There aren’t many things more tragic in a library than a flood. When our ceiling gave way last week to a giant black waterfall over our bound journals and public area, we could hardly believe our eyes. We’re still assessing the damage, but in the meantime, we have plastic sheeting hiding more than half of the library, loud noises, and confused patrons. It was time to present a unified message to ease the communication about what happened.
I wanted to keep the feeling of these signs in tune with our overall aesthetic and color scheme, and I wanted every person who enters the library to see them. I used the water droplet for the obvious reason that it graphically represents the gallons of water that flooded us, but I can also see it as a tear, and there were certainly a few of those as we sloshed through the mess last week.
I placed these half-sheet signs on all of the tables we have available. The message is light, helpful, and thankful.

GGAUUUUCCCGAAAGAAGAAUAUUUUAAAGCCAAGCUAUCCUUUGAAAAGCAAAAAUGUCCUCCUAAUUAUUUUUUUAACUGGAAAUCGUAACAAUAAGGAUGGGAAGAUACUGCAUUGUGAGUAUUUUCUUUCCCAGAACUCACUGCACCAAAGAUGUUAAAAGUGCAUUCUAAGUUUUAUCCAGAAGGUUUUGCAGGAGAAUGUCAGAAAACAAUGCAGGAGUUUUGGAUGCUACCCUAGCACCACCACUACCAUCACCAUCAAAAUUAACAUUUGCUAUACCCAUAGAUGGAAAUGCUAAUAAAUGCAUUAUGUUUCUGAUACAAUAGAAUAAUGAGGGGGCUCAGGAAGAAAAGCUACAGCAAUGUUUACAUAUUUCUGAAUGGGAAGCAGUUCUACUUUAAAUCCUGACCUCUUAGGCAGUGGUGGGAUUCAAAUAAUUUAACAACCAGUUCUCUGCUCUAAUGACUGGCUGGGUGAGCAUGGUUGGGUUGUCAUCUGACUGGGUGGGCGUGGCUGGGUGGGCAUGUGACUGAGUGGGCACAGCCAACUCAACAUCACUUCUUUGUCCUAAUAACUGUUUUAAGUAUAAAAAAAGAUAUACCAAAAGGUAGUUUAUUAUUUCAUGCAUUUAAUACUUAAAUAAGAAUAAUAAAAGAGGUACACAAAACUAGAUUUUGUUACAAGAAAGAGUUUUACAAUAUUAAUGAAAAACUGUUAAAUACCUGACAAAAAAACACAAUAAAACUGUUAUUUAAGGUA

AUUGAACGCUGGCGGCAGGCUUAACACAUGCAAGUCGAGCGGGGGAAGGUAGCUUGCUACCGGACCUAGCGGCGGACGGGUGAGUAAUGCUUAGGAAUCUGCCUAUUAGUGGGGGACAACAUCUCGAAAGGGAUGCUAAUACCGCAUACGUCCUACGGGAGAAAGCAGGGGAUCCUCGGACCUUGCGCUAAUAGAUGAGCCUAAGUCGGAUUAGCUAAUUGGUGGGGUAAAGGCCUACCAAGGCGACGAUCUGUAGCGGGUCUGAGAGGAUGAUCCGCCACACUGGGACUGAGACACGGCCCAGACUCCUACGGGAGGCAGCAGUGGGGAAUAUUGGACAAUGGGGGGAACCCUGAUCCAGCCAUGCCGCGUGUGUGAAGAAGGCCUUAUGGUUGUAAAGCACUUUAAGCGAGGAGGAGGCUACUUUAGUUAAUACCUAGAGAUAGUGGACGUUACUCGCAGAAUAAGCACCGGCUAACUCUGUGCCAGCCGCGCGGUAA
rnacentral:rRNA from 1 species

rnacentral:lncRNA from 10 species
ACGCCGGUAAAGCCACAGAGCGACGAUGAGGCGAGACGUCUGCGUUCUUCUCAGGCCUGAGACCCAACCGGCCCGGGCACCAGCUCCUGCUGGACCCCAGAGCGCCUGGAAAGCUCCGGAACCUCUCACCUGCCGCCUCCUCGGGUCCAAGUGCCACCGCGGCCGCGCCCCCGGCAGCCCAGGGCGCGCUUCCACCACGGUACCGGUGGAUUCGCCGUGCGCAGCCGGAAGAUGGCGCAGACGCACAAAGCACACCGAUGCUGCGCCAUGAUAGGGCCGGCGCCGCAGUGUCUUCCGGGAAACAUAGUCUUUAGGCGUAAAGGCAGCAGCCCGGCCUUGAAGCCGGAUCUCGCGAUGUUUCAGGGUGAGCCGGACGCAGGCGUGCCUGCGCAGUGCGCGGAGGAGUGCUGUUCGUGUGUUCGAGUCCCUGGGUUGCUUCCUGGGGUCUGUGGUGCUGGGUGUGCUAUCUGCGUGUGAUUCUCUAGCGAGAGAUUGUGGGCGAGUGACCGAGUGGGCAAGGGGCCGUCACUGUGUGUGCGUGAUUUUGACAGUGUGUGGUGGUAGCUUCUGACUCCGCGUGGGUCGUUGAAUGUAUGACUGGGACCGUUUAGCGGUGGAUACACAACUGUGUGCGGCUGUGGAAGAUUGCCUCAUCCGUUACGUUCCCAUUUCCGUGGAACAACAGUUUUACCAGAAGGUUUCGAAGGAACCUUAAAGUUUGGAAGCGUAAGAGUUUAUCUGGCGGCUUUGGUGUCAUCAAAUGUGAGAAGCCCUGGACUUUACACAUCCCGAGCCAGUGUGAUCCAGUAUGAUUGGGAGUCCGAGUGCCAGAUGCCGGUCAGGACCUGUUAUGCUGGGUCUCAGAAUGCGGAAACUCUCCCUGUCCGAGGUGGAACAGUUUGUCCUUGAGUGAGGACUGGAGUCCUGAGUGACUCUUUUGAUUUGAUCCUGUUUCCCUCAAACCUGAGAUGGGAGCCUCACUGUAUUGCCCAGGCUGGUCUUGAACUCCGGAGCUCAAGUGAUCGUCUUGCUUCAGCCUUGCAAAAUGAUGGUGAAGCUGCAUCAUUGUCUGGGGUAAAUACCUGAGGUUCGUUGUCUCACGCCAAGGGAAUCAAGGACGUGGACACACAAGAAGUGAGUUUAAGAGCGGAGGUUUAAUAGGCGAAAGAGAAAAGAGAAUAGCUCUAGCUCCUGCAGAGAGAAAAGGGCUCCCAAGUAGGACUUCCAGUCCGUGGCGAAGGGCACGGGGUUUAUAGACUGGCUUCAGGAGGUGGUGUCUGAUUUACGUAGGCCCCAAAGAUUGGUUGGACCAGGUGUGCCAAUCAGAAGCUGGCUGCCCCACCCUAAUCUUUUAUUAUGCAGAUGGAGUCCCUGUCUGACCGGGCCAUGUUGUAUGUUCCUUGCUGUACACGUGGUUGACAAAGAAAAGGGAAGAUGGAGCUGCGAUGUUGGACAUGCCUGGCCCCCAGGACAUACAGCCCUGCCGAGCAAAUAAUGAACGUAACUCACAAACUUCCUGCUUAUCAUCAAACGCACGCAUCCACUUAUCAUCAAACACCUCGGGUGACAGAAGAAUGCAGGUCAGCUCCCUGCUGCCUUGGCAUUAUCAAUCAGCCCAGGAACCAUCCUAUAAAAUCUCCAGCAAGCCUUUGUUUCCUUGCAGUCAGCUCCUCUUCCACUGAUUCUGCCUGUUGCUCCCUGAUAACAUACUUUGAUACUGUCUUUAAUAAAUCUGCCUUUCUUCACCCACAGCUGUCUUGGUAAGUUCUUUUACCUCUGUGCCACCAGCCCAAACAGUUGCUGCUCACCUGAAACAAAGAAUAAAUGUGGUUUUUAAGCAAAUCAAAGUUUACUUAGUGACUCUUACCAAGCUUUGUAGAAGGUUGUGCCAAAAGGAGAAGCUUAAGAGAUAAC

On the front desk, I placed this larger sign to explain things a little more in details and to help our staff with the right words to say to patrons.
Finally, we are because we quickly realized that our limited space is not enough to fill the needs of our patrons (a nice problem because it illustrates our usefulness), I created this quick half-page handout to point out other computer areas nearby:
Of course this design doesn’t do much to make us feel better about what is happening in our library, but it does serve an important role, and does it better than a hastily printed sign might.
I hope you don’t ever have a need for these signs, but if you do, email me for the original files.
October 24, 2013 at 3:23 pm
Oh no! This is so sad, but I do think that your signs are sending the right messages along though! Good luck!
March 4, 2014 at 9:03 pm
This is horrible! Are your resources ruined? What about your books?
March 11, 2014 at 4:14 pm
Hi Alexandra, see my follow up post here: https://librariandesignshare.org/2014/02/11/flood-of-information/. We were lucky to have a contract with Blackmon Mooring that allowed us to freeze dry all the wet bound journals. We lost some, but the majority survived.